Master of Science
Physiology and Pharmacology
Multiple neural network integration, influence of bradykinesia and rigidity, and bias of upper limb symptom improvement during deep brain stimulation implementation may attribute to the variable responsiveness of Parkinsonian gait therapy. Current steering (CS) addresses variability through fractionating current to fine-tune the stimulation field shape. It was hypothesized that CS would exhibit greater gait improvements and lower the total electrical energy delivered (TEED), which reduces power consumption and battery drainage. Divisions of 70/30 and 50/50 and single-contact stimulation modelled CS and conventions, respectively. Overall ambulation improved with TEED reduction; further, bilateral CS improved step time and length but left CS improved stride velocity and the functional ambulation performance score. However, total double support time exhibited no differences. Separate sub-cortical networks may regulate amplitude, timing, and velocity versus balance, and unilateral benefit may elucidate left hemispheric dominance for motor control. Future studies should personalize fractionations to contact localizations for clinical relevancy.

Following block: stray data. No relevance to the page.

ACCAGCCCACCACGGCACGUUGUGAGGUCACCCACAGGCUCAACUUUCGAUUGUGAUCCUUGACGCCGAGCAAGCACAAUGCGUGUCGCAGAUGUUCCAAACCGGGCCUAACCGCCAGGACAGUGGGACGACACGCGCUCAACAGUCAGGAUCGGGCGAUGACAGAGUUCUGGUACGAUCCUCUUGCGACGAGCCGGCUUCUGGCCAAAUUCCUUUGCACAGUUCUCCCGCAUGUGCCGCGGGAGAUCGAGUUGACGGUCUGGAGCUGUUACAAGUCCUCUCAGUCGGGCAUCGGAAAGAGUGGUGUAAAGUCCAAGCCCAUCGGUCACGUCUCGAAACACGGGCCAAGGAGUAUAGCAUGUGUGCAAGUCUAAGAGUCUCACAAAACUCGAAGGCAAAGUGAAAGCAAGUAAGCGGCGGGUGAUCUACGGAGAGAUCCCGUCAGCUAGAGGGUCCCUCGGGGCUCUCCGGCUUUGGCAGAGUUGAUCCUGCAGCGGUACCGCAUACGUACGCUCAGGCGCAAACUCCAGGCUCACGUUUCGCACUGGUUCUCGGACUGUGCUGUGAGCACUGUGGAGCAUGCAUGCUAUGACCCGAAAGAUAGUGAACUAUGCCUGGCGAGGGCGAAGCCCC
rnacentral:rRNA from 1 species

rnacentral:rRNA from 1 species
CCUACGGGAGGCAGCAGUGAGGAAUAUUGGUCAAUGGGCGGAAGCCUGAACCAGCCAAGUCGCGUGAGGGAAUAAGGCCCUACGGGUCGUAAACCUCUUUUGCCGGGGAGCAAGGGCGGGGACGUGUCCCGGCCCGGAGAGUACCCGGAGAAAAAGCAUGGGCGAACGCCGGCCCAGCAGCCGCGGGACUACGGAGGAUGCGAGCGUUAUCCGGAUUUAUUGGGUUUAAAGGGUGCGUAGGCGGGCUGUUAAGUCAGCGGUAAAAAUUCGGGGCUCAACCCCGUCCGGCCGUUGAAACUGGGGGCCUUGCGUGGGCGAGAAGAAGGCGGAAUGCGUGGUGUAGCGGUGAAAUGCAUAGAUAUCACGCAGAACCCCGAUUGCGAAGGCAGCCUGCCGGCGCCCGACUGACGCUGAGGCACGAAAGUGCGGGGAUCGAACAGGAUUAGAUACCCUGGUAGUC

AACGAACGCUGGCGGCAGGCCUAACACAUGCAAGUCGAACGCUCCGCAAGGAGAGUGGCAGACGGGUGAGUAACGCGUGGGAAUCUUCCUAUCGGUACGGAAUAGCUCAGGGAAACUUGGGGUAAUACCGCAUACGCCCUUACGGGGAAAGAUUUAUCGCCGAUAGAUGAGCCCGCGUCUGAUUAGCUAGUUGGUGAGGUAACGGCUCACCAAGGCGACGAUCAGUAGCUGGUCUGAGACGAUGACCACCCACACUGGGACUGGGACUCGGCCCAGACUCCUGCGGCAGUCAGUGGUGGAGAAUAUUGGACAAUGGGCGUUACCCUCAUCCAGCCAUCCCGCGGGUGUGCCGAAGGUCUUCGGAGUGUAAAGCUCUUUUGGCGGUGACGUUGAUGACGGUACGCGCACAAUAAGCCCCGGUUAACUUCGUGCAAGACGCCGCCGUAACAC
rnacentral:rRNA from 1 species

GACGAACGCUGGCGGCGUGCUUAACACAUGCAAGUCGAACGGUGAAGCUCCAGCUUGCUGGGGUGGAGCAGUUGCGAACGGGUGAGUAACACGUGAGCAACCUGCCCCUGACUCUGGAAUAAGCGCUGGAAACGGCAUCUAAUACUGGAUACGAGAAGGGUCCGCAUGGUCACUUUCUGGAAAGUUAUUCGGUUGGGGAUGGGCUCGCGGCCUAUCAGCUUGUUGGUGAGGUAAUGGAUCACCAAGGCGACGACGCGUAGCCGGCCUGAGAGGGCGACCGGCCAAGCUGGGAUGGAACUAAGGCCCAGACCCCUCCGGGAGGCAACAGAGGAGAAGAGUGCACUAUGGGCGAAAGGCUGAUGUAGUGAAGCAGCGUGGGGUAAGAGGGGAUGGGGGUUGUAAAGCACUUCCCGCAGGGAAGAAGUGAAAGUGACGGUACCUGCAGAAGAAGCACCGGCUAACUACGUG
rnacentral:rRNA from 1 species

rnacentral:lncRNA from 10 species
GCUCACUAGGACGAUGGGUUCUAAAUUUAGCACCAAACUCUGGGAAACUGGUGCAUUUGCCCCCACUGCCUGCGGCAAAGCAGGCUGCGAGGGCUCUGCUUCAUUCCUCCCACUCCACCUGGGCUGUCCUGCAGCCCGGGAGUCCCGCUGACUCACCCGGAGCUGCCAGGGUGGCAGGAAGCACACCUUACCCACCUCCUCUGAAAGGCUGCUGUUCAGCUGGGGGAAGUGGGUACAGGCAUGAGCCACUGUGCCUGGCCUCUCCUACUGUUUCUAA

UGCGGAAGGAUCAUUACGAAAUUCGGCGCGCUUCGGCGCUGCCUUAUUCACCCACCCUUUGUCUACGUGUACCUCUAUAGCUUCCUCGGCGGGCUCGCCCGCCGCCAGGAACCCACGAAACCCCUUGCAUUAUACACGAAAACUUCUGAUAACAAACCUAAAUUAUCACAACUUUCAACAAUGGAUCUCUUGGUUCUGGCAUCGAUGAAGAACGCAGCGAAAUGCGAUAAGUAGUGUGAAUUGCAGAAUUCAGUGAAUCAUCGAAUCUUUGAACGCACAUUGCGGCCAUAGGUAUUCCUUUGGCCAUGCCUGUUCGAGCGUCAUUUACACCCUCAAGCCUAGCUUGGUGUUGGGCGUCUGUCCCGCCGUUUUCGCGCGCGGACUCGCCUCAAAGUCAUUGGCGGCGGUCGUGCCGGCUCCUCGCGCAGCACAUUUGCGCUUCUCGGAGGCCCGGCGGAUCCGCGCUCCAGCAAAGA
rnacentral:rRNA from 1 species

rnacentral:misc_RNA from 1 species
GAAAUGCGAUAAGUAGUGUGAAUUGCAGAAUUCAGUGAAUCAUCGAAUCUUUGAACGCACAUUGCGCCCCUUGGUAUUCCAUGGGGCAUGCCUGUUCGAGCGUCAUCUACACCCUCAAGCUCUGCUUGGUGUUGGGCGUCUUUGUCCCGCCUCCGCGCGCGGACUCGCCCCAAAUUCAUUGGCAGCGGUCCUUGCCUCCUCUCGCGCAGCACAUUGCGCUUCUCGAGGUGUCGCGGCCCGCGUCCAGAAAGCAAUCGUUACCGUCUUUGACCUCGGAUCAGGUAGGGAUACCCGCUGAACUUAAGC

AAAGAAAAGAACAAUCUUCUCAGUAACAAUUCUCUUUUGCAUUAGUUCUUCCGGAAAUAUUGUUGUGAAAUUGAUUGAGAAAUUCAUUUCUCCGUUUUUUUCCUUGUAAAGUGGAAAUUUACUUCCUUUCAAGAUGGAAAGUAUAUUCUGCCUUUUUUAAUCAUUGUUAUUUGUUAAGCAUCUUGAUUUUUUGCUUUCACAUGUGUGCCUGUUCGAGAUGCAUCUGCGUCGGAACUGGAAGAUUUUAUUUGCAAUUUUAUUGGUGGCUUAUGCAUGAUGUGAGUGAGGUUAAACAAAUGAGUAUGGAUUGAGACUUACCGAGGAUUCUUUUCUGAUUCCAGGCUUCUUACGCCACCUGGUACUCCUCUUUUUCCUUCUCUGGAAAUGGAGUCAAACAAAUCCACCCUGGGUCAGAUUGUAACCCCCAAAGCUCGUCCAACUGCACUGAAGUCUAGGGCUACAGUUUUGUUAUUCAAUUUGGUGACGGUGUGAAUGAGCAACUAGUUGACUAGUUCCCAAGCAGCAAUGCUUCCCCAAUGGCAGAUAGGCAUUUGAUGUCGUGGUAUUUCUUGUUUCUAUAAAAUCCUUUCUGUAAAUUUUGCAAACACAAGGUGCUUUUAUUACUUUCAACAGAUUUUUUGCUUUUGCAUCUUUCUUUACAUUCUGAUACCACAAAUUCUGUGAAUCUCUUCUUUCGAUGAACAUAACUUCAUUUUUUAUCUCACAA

Hui, Daphne, "Investigating the Practical and Clinical Effectiveness of Applying Current Steering to Deep Brain Stimulation for Parkinsonian Gait Therapy" (2018). Electronic Thesis and Dissertation Repository. 5894.
Available for download on Thursday, April 30, 2020